A week ago tonight I was doing something that I hardly ever do: visiting Toronto. Raymond and I were among the capacity audience at Koerner Hall at the Royal Conservatory of Music for an evening celebrating the life and work of poet Al Purdy, one of Canada’s greatest poets and one who truly heard, and conveyed, “the voice of the land.”
(One of the first things I did when I started this blog about the Manse was to seek permission from Al’s publisher to reprint my favourite of his poems, The Country North of Belleville; that post is here. The country north of Belleville is precisely where the Manse is.)
The Toronto event was a fundraiser for a project that I have written about before, notably here: the campaign to preserve the humble A-frame house that Al and his wife, Eurithe, built in the late 1950s in Prince Edward County, and put the house to future use for a poet-in-residence program. As admirers of Purdy’s work, of vernacular mid-century architecture, and of Prince Edward County, Raymond and I were happy to support the cause.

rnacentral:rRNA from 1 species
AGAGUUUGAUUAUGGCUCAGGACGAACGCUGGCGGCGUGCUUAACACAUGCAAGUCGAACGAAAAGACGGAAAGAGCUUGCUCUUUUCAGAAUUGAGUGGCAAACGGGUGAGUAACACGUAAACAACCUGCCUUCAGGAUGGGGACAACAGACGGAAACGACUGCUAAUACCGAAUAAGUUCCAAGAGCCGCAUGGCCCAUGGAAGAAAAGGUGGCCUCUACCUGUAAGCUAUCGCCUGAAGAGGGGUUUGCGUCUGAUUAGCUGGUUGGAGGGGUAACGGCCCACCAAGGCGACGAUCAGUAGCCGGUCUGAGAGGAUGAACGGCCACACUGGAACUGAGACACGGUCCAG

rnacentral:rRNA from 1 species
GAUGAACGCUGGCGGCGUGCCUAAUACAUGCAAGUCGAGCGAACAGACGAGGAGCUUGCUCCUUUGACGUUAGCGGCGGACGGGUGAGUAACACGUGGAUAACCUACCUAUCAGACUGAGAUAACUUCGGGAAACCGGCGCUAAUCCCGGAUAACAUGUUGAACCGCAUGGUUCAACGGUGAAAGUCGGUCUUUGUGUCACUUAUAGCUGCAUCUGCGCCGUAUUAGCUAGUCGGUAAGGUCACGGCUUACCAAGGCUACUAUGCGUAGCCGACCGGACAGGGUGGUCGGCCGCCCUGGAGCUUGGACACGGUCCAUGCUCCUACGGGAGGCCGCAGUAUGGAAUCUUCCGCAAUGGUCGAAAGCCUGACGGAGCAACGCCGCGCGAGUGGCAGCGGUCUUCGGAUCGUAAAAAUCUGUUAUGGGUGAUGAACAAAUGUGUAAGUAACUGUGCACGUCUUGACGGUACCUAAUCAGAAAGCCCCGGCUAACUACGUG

It was a terrific evening of poetry and music featuring the likes of Gordon Pinsent, George Bowering, Dennis Lee, Dave Bidini, Gord Downey and Margaret Atwood. (You can read Michael Enright‘s interview with Atwood on the occasion here, and my thanks to my pal Jim Withers for sending me that link.) But you don’t need me to tell you all about it; if you’re interested, here is an excellent report from the Random House of Canada blog Hazlitt. (My thanks to my friend Lindi Pierce for drawing that article to my attention. Lindi, the mastermind behind the wonderful Ancestral Roofs blog on Ontario architecture and heritage, has also started a blog called In Search of Al Purdy – Lindi being a native of Prince Edward County and a literary sort, she has been a big supporter of the A-frame project.) And if you’re interested in learning more about the A-frame project and donating to it, you can do that here.
It’s kind of fun to rub shoulders with a large roomful of literary folk; it’s not something we do all that often. I liked the fact that a lot of them (though not all, by any means) were pleasantly rumpled. “Rumpled” is my kind of people. And I’m pretty sure that it would have been just the word to describe how Al would have looked, had he been there. Which, come to think of it, he was.